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Meet Annette “Malachite” Blair
Annette Blair is a New York Times and USA Today Bestselling Author. In her forty plus books, she’s explored nineteenth-century Amish Country, Regency England, and madcap, modern Salem MA, where bold women follow the Celtic faith with heart. There, she fought dragons, and fell in love with an angel. She’s solved mysteries beside Connecticut’s Mystic River, and the first of her new Wishing Well series, set near Salem, will be out this summer. Wherever she’s landed, she’s thrived. An adventurer and storyteller at heart, Annette lives in New England with her husband and an assortment of dust bunnies.
HOLY SCOUNDREL Annette’s 4th Scoundrel has been nominated as a Best Indie Book of 2014 in the New Adult Category at Indie Romance Convention.
For more information about Annette, visit her at http://www.annetteblair.com Friend or Like her on Facebook & sign up for her newsletter.
Excerpt follows the entry form!
Knave of Hearts, four
by Annette Blair
Arundel, The South Downs
West Sussex, England, Summer 1830
Dwarfing his surroundings, Gabriel bent to keep his head from an intimate encounter with a raw-oak barn beam while protecting the newborn lamb in his keeping, a smile in his eyes, if not on his face . . . until he saw her. Gabriel the indomitable—named for the bright angel, when he should have been named for the dark—stood frozen in vulnerability.
A heartbeat, no more, and the scoundrel narrowed his eyes, stepped forward, stretched to his full staggering height, and squared his shoulders to a stunning span. Lucifer, sighting prey, spreading charred wings.
His chiseled features, graven in shadow, sharpened to unforgiving angles as his dark-fire gaze singed her.
Lacey stepped back. In that moment, despite her resolve, she wanted nothing more than to turn tail and run . . . except that she could not seem to move.
Here stood the father of her child, while between them stood the lie she’d told to deny it—saving him and tormenting him in one horrific stroke.
A horse snuffled and shuffled in its stall, freeing the scent of hay musk into the grip of silence, injecting reality into unreality, replacing the past with the present, and allowing her finally to draw breath.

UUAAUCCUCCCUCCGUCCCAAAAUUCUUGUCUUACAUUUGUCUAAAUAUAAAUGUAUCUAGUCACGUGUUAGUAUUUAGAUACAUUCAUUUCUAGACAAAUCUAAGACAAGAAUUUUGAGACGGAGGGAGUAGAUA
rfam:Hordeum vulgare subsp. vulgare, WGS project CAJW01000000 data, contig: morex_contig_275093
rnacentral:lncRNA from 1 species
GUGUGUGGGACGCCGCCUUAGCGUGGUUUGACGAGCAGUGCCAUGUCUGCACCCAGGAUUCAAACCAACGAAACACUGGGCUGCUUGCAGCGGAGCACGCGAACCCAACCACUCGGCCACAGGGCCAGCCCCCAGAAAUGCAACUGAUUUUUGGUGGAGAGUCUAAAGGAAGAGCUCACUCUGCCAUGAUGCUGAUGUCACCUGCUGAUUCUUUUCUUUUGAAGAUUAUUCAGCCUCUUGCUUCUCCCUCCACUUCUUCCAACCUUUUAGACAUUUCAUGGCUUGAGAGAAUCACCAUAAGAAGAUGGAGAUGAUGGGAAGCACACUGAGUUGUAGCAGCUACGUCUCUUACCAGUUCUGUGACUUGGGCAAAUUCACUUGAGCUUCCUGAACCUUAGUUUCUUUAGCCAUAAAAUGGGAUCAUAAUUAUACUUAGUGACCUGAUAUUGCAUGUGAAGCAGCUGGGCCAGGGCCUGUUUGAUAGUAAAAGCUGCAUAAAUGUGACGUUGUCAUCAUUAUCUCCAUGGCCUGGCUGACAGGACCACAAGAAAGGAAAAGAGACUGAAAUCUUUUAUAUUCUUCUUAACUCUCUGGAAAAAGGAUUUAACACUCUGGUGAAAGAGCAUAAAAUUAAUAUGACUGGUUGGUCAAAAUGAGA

As forbidding as her nemesis appeared in lantern light, dressed entirely in black, the tiny white lamb tucked into his frock-coat humanized him, the contrast bringing his cleric’s collar into conspicuous and bright relief.
A Vicar’s trappings, a scoundrel’s heart, and no one seemed to know, save her.
He no longer fit the image of the young man she had carried in her heart. His features familiar, despite the firmness of his jaw, had been lined and bronzed by time and parish responsibilities to a mature and patrician air. His leonine mane, still an overlong tumble of sooty waves, thick and lush, bore strokes of gray at the temples. No phantasm here, but the bane of her existence in the flesh, more daunting, more vitally masculine. More a threat to her sanity than ever.
As if he could read her, Gabriel shifted his stance, on guard, watchful, yet before her eyes, a hard-won humility replaced his natural arrogance. But he did not do humble well, and his attempt jarred her.
He’d always been proud, even when they were children—he, the indigent Vicar’s son, she, the daughter of a Duke. But now, their roles had been reversed, and the Duke’s daughter stood, impoverished, disowned, before the boy who’d adored her, then hated her, with all his heart, face to face for the first time in five years. “Gabriel,” she said, wishing her voice did not tremble and her body did not remember.
Gabe foolishly wondered if the sum and substance of all his dreams, good and bad, could hear the sound of his cold stone heart knocking against his ribs, bruising him to his core. “Lace,” he said, her name emerging raw and raspy.